Unfortunately, no matter how wonderful your hospitality services or tourism experiences are, or how carefully you interact with each customer, there’s always a chance you could rub someone the wrong way. Tourists & Hospitality Customers are complex and often unpredictable people, meaning that no tour operator is going to be able to please all of them. However, the problem is that in today’s highly-connected digital world, your clients are more likely to air their dissatisfaction on social media and review sites, reducing your chance of earning new customers.
In a world where the average tourist will want to read the opinions of third-party travellers before deciding on where to spend their vacation, it’s important to do everything you can to avoid bad reviews with your clients. Here are just a few things you can do to protect yourself from a bad reputation.
1. Appeal to the Right Customers to Start With
Even if you’re brand-new to the hospitality and tourism marketing world, you’ve probably heard of things like audience segmentation and buyer personas. These tools are designed to help you advertise your experience to the people who are most likely to respond positively to it. After all, if you’re running a wine tour in Melbourne, then you don’t want to attract customers who don’t drink or hate wine.
Publish content on your website and social media pages that will help your customers to pre-qualify themselves for your business. For instance, an article entitled “The Things You Will and Won’t Get with Our Tours”, should let your clients know exactly what to expect.
2. Do Everything You Can to Keep Tourists & Customers Happy
This might be an obvious tip for companies who want to avoid bad tour reviews, but that doesn’t mean it’s not worth some time and attention. If you don’t want to lose all your customers because you’re constantly giving refunds to unhappy customers, then you’ll need to go above and beyond to provide your clients with an experience they simply can’t complain about.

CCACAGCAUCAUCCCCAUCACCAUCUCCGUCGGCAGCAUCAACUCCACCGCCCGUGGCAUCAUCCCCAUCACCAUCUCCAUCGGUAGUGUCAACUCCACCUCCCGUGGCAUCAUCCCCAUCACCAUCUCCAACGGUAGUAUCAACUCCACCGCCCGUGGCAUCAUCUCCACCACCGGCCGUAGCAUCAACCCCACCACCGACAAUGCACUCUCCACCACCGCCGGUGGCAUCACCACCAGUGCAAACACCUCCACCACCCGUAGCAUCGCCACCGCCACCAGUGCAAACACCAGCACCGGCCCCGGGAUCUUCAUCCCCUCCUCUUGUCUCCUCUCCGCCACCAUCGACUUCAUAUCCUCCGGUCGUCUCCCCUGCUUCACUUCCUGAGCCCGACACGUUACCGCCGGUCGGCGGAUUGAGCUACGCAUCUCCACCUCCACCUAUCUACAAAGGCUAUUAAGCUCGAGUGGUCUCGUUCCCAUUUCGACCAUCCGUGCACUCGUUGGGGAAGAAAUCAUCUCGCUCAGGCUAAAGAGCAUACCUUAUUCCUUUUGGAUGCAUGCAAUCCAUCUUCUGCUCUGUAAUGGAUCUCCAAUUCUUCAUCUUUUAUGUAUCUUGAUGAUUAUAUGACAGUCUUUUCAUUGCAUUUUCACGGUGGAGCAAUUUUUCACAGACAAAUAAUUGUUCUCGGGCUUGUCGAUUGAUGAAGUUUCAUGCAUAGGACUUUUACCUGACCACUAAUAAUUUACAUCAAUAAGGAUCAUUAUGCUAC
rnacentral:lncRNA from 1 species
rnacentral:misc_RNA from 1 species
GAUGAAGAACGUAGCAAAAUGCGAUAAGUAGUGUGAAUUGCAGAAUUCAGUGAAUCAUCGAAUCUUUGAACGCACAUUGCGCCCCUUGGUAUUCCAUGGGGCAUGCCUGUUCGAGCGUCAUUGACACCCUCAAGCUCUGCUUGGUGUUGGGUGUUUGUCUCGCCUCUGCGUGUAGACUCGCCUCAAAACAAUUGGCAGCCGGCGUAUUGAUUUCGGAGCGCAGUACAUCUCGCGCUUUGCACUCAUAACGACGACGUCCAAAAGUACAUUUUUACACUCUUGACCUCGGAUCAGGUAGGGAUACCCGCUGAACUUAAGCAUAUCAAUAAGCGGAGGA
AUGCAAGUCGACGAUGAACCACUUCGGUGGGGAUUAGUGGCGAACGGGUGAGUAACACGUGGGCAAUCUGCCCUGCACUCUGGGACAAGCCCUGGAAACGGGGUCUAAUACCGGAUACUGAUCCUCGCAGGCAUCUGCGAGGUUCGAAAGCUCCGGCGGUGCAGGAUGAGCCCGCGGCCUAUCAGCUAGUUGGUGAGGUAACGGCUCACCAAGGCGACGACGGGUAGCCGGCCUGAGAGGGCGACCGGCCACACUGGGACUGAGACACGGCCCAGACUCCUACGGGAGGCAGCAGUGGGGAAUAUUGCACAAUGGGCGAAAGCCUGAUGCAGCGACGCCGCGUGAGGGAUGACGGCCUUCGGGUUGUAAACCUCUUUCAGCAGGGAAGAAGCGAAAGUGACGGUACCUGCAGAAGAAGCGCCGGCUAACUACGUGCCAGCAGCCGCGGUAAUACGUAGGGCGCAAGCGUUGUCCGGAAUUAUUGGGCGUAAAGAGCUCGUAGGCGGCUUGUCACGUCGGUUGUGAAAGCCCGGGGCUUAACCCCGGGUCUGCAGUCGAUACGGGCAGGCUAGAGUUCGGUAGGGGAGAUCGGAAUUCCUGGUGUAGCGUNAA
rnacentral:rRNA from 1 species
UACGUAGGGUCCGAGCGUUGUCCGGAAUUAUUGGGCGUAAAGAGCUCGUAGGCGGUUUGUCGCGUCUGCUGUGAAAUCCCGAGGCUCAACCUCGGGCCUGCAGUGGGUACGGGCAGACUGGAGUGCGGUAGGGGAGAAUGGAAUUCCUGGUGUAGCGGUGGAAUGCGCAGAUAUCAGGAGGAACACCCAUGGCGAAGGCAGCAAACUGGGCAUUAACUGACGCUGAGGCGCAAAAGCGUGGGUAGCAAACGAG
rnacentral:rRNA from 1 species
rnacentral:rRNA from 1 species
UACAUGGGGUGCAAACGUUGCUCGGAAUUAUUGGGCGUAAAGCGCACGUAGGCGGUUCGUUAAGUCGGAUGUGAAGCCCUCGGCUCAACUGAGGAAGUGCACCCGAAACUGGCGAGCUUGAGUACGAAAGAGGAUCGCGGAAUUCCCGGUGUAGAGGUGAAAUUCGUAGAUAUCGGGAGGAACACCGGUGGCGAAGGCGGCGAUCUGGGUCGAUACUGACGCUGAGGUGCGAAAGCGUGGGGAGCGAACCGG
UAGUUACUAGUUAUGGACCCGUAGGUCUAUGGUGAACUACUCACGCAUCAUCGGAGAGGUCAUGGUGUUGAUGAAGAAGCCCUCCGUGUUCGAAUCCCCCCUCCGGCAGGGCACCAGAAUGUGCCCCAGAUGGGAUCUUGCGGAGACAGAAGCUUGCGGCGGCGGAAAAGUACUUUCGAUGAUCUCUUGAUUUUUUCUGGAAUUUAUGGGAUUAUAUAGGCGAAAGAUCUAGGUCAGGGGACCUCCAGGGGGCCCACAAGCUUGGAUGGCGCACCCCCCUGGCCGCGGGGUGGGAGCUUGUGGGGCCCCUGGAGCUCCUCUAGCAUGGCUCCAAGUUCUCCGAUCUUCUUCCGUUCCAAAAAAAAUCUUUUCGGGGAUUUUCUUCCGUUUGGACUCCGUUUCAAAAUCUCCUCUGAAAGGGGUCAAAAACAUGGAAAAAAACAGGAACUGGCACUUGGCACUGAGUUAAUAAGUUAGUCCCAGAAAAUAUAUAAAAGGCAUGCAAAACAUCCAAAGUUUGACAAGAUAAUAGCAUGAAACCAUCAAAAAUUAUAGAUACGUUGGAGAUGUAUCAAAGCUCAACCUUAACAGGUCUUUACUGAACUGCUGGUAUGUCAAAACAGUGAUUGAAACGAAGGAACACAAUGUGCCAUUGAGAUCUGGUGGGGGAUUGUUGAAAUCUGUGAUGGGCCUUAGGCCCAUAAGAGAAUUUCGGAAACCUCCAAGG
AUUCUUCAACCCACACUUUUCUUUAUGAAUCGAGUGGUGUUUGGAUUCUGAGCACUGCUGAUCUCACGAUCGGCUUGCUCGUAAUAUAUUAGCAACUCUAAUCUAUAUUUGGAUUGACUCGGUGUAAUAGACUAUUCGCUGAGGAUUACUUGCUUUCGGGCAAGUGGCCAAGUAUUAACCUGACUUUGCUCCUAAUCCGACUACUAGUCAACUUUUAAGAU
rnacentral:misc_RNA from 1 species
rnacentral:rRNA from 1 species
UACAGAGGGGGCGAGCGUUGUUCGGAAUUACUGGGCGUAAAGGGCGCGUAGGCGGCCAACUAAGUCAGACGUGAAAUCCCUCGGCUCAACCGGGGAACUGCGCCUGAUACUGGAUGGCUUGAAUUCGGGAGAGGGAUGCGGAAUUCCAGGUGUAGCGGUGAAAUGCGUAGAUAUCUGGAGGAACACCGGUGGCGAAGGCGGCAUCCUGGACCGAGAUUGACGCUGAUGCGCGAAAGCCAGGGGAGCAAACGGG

Aside from being friendly and accommodating to every guest, make sure that you invest in unique, memorable experiences that set you apart from your competitors. Try to anticipate problems that might arise during your tour, and plan for them in advance. For instance, if the seafood restaurant you were going to stop at for lunch isn’t open, make sure you have a backup destination in mind.
Bringing back-up sunscreen, charging cables, batteries, and other must-haves with you for your customers to use is another way to show them how much you value their happiness.
3. Prepare for a Range of Customers
Finally, remember that there’s no one-size-fits-all format for the perfect tour experience. The more experience you get with different customers from various parts of the world, the more you’ll learn about their specific preferences and expectations. Until then, you’ll simply need to rely on the data you can find online.
For instance, most experts agree that tourists from the US want a more intimate experience with their tour-guide, while Europeans are more concerned with getting an academic experience, packed full of knowledge about the history and culture of a space. Tailor your tours to suit the needs of each individual group.